Roomate 3: "But I have some company coming in June that was going to stay in that room."
Roommate 1: "They can just stay in your room."
Roommate 3: "In my double bed?"
Me: "But I have company coming in July which I already told you about who are supposed to stay in that room."
Roommate 1: "Oh, they can just stay in your room."
Me: "Both of them? In my single bed?"
Roommate 1: "Ok, whatever, they can sleep on the couch."
Me: "So... whose bathroom is he going to use? [Roommates 1 & 2 each have their own bathrooms, and roommate 3 & I share one, but the guest room is right next to ours.]"
Roommate 1: "I really think that he should use whatever bathroom is most convenient for him, you know?"
I would have strangled someone by now but for the fact that her friend is pretty nice, and his presence stops everyone from strangling each other, which is an unexpected and welcome change to the normal house dynamic.
Friday. 5.15.15 1:04 am
On Monday I'm supposed to leave for a trip to Idaho, but I'm not really ready. I was supposed to spend all week (and last week) churning through data and making a poster about it.... but.... yah know... the data isn't as great as I had hoped. It requires a lot more math to make it look nice, and it may never look nice, even after all the math. That's the thing about the Real World. It doesn't always conform to the Theoretical Predictions. That's fine, but it's not really fine when I only have one night to make a poster.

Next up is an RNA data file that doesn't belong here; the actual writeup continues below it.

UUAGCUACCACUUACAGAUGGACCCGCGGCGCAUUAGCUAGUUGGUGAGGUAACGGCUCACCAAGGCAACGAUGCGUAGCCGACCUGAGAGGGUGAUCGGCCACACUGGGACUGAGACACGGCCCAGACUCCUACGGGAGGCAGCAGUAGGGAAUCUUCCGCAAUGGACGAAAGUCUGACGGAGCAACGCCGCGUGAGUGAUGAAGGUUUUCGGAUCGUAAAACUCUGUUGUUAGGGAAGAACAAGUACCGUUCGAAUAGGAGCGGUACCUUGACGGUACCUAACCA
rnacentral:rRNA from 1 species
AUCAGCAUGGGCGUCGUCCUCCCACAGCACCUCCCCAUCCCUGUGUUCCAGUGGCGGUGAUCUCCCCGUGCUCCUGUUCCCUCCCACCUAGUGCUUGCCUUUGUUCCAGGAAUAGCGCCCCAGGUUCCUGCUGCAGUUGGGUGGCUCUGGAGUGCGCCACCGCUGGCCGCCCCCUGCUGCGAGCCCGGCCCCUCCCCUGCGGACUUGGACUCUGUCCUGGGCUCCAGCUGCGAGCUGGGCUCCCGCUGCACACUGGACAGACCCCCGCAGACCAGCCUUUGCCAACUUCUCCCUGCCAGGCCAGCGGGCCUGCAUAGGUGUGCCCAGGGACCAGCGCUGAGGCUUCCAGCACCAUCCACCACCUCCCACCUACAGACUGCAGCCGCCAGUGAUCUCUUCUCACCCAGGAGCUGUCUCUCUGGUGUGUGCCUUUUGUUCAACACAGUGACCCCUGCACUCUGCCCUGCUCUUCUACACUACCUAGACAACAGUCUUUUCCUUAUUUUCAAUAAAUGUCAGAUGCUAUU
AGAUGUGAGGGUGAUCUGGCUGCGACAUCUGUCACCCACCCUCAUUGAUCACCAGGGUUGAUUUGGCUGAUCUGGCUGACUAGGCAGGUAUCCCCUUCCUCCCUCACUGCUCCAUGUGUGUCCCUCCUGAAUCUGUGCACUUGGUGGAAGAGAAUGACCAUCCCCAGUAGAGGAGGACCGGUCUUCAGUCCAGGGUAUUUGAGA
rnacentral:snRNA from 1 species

I'm going to Boise, Idaho, which sounds kind of boring, but will actually be really cool. This is because we're going to a dune field on a field trip half-way through the meeting, and because after the meeting I'm going to Craters of the Moon National Park, which most people haven't heard of, but which is totally awesome. Especially if you like volcanoes, which I totally do. From there I'm going to drive to Yellowstone National Park, which I've never visited before. The world's largest volcanic caldera, and I've never visited it. Me. A Volcanologist. Ridiculous. I'm pretty excited about that. But I haven't really had time to think about it much because I've been running around like a madwoman doing other things. And procrastinating on this data analysis.